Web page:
Some helpful lines of inquiry to assess capacity include determining whether the will-maker can understand the nature of the testamentary act (that they are making a will), can recall the property, and can comprehend that they are excluding possible claimants under intestacy or through a wills variation claim. Delusions or partial insanity will not destroy testamentary capacity unless they directly affect testamentary capacity or influence the dispositions in the will.

c) Presumption of Validity

The rules regarding the burden of proof in relation to testamentary capacity were set out by the Supreme Court of Canada in Vout v Hay, [1995] 2 S.C.R. 876 [Vout]. Essentially, if a will is duly executed in accordance with the formal statutory requirements after being read by a testator who appears to understand the will, it is presumed that the testator possessed the requisite capacity and knew and approved the contents of the will. This presumption may be rebutted where “suspicious circumstances” or undue influence exist (see below).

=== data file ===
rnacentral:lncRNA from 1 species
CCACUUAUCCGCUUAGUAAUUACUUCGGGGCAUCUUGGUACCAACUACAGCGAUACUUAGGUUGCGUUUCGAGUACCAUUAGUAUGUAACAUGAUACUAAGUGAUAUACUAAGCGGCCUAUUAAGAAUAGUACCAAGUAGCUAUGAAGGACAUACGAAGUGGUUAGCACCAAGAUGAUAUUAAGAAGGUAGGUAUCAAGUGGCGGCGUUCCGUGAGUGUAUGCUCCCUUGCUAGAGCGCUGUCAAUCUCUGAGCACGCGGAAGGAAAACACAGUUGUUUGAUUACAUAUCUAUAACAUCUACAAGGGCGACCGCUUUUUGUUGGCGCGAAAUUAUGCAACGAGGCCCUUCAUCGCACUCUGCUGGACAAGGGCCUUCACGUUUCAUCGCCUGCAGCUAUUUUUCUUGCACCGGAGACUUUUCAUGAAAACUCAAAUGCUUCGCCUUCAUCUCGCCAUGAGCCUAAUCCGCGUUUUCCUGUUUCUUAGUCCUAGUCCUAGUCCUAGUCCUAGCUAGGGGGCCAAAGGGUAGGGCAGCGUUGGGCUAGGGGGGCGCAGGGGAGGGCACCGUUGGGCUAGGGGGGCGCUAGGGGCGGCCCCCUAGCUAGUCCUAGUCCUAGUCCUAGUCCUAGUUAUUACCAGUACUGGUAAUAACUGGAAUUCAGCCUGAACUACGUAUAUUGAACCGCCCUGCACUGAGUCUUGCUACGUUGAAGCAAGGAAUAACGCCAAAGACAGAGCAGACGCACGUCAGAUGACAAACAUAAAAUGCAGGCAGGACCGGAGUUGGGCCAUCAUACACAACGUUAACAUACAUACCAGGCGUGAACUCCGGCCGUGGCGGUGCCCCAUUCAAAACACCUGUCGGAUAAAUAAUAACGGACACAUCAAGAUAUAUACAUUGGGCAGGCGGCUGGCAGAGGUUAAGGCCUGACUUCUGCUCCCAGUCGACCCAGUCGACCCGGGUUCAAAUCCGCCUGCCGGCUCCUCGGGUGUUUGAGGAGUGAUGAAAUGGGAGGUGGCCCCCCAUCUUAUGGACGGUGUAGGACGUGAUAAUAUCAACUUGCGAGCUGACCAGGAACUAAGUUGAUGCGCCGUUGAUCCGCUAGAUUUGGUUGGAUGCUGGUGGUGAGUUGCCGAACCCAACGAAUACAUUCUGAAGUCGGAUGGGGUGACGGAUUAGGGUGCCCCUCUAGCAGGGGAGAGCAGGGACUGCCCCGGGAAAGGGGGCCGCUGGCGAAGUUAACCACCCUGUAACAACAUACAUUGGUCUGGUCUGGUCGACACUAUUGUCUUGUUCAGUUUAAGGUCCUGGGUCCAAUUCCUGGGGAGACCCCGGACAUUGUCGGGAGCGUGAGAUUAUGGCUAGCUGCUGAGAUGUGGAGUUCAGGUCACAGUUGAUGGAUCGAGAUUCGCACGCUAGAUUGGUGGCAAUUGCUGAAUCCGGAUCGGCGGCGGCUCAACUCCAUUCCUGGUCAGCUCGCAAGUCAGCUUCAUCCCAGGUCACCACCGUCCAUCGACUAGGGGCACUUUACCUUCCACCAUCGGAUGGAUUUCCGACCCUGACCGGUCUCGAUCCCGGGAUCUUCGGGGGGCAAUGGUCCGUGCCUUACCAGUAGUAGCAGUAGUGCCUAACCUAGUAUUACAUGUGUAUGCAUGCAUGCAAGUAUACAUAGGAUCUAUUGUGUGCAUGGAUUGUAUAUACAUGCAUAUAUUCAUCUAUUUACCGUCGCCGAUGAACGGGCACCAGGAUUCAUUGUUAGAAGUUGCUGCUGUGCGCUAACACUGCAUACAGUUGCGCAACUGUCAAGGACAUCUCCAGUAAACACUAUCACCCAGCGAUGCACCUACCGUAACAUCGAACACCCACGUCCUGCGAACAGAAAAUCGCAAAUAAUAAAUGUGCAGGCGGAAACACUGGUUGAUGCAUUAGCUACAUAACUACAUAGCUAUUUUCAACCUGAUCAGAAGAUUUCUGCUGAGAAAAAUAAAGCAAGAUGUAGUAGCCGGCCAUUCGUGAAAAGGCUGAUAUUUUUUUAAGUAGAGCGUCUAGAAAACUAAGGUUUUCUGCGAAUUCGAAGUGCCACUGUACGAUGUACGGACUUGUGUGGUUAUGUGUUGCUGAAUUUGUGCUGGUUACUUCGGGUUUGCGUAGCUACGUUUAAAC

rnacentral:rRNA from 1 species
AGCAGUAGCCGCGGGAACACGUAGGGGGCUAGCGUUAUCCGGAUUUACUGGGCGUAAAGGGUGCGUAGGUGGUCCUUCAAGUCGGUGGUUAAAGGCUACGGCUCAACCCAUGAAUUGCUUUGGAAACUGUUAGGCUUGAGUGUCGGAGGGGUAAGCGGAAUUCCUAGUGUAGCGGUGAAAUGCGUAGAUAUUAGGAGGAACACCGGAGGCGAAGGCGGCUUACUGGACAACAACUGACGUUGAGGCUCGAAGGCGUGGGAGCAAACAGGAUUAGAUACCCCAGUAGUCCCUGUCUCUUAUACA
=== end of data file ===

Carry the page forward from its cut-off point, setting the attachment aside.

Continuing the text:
d) Undue Influence

A will or a portion of it that is made as a result of undue influence is not valid. Undue influence is not mere persuasion but is physical or psychological coercion. There must be capacity to influence and the influence must have produced a will that does not represent the will-maker’s intent. Section 52 of WESA now provides that, if it is shown that the will-maker was in a position where the potential for domination or dependence was present, the burden shifts to the party seeking to defend the will to show that the will was not procured through undue influence. A spouse, parent, or child, etc. may put their claims before the will-maker for recognition. This does not constitute undue influence unless it amounts to coercion. If the will-maker continues to be capable of making decisions freely, the advice or persuasion does not amount to undue influence. See Leung v Chang, 2013 BCSC 976 for a framework for the burden of proof in litigation regarding contested wills.

To challenge a will on the grounds of undue influence, the asserting party must show that the will does not represent the will-maker’s true intentions due to the coercion. If this can be shown, undue influence is presumed. The party that wishes to defend the will may rebut this presumption by showing that the will was a result of the testator’s own “full, free and informed thought”. See Stewart v Mclean, 2010 BCSC 64 at para 96. Factors that can assist with rebutting the presumption includes proof that: